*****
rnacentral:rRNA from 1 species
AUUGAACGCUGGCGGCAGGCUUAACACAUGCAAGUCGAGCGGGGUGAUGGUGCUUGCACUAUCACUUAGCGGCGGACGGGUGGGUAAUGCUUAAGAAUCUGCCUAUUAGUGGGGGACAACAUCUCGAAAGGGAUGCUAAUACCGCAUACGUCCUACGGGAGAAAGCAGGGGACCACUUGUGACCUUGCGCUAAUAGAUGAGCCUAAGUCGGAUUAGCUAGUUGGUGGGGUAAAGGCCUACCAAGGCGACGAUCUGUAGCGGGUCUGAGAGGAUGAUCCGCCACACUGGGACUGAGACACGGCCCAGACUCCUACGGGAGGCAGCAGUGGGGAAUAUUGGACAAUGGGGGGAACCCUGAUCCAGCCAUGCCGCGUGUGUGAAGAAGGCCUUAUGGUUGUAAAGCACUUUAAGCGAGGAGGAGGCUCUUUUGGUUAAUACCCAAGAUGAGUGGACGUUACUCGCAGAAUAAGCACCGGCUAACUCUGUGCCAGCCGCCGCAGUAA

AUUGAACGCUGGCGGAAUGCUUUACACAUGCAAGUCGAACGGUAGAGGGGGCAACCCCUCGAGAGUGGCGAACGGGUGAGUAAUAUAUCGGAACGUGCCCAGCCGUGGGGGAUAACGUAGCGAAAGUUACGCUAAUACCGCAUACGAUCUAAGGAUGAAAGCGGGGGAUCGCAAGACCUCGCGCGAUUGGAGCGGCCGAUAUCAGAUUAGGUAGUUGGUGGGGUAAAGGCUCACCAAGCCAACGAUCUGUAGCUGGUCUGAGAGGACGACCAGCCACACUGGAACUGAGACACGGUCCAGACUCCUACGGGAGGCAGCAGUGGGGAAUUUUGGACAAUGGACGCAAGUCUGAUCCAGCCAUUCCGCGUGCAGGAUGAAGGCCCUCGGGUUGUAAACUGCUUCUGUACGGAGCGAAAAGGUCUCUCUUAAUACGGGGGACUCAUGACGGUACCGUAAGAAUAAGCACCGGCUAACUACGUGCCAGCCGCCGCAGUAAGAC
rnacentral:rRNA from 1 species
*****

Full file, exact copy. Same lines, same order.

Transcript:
rnacentral:rRNA from 1 species
AUUGAACGCUGGCGGCAGGCUUAACACAUGCAAGUCGAGCGGGGUGAUGGUGCUUGCACUAUCACUUAGCGGCGGACGGGUGGGUAAUGCUUAAGAAUCUGCCUAUUAGUGGGGGACAACAUCUCGAAAGGGAUGCUAAUACCGCAUACGUCCUACGGGAGAAAGCAGGGGACCACUUGUGACCUUGCGCUAAUAGAUGAGCCUAAGUCGGAUUAGCUAGUUGGUGGGGUAAAGGCCUACCAAGGCGACGAUCUGUAGCGGGUCUGAGAGGAUGAUCCGCCACACUGGGACUGAGACACGGCCCAGACUCCUACGGGAGGCAGCAGUGGGGAAUAUUGGACAAUGGGGGGAACCCUGAUCCAGCCAUGCCGCGUGUGUGAAGAAGGCCUUAUGGUUGUAAAGCACUUUAAGCGAGGAGGAGGCUCUUUUGGUUAAUACCCAAGAUGAGUGGACGUUACUCGCAGAAUAAGCACCGGCUAACUCUGUGCCAGCCGCCGCAGUAA

AUUGAACGCUGGCGGAAUGCUUUACACAUGCAAGUCGAACGGUAGAGGGGGCAACCCCUCGAGAGUGGCGAACGGGUGAGUAAUAUAUCGGAACGUGCCCAGCCGUGGGGGAUAACGUAGCGAAAGUUACGCUAAUACCGCAUACGAUCUAAGGAUGAAAGCGGGGGAUCGCAAGACCUCGCGCGAUUGGAGCGGCCGAUAUCAGAUUAGGUAGUUGGUGGGGUAAAGGCUCACCAAGCCAACGAUCUGUAGCUGGUCUGAGAGGACGACCAGCCACACUGGAACUGAGACACGGUCCAGACUCCUACGGGAGGCAGCAGUGGGGAAUUUUGGACAAUGGACGCAAGUCUGAUCCAGCCAUUCCGCGUGCAGGAUGAAGGCCCUCGGGUUGUAAACUGCUUCUGUACGGAGCGAAAAGGUCUCUCUUAAUACGGGGGACUCAUGACGGUACCGUAAGAAUAAGCACCGGCUAACUACGUGCCAGCCGCCGCAGUAAGAC
rnacentral:rRNA from 1 species